Elizabeth Warren will not let her foot up off of Michael Bloomberg’s throat.
On Thursday, the Massachusetts senator, who is currently running for president, revealed that she had drafted up a document that would allow Bloomberg to release his former employees from their non-disclosure agreements, something that she has been urging him to do for months as his history of alleged sexism and sexual harassment at Bloomberg LP has also come to light.
“So I used to teach contract law. And I thought I would make this easy,” Warren said during a CNN town hall in Nevada. “I wrote up a release and covenant not to sue. And all that Mayor Bloomberg has to do is download it, I’ll text it. Sign it. And then the women, or men, will be free to speak and tell their own stories.”
Warren then went on to take a moment to read the “relevant language” to the audience, who laughed and clapped in apparent delight.
And just in case Bloomberg didn’t check his texts, Warren also released a copy of the agreement on Twitter, saying, “Mike Bloomberg can easily release the women who have accused him of sexual harassment—and who voluntarily want to speak about their experiences—from their non-disclosure agreements. Take a look at how simple and straightforward it would be.”
Warren dragged Bloomberg through the streets on Wednesday during the Las Vegas Democratic debate, consistently pressuring him on the issue of the NDAs and asking him if he were willing, that night, to release those involved from their contracts.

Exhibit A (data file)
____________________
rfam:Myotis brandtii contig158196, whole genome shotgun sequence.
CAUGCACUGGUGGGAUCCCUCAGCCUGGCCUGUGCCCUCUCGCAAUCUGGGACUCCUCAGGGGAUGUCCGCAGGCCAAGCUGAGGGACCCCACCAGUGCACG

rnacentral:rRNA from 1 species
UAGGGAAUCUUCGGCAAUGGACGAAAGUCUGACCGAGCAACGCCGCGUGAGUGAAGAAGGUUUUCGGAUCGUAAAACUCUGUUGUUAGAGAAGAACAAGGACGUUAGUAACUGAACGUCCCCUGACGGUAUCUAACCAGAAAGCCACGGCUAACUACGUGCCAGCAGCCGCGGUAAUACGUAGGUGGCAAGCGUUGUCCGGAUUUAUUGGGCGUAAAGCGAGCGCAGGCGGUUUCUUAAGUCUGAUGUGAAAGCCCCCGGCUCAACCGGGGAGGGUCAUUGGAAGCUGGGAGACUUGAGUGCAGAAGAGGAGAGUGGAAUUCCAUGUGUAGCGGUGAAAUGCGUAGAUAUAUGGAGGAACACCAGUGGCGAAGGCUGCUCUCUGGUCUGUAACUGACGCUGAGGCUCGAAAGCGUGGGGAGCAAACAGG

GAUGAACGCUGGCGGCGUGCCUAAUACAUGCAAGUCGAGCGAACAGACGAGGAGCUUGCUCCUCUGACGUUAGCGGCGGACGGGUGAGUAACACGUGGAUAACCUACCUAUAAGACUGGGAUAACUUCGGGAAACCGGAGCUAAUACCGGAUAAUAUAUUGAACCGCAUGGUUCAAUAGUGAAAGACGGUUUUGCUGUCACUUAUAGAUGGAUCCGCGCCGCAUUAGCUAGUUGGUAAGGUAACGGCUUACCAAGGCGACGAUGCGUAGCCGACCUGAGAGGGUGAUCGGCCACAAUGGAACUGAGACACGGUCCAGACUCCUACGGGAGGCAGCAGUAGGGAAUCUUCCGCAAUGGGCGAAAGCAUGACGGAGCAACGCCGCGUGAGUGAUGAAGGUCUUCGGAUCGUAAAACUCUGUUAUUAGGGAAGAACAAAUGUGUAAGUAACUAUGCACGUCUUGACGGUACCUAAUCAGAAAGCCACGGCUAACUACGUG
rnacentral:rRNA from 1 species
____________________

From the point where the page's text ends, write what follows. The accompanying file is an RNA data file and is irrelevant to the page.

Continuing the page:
“He has gotten some number of women, dozens, who knows, to sign non-disclosure agreements both for sexual harassment and for gender discrimination in the workplace,” Warren pointed out during the debate. “So Mr. Mayor are you willing to release all of those women from those non-disclosure agreements, so we can hear their side of the story?”
Bloomberg said none of those involved accuse him of doing anything “other than maybe they didn’t like a joke I told,” drawing gasps from the crowd.
He further insisted that the agreements were between two parties that wanted to keep the situation quiet, adding that it’s “up to them” even though when pressured by Warren to verbally release those involved from their contracts right then and there on stage, he refused.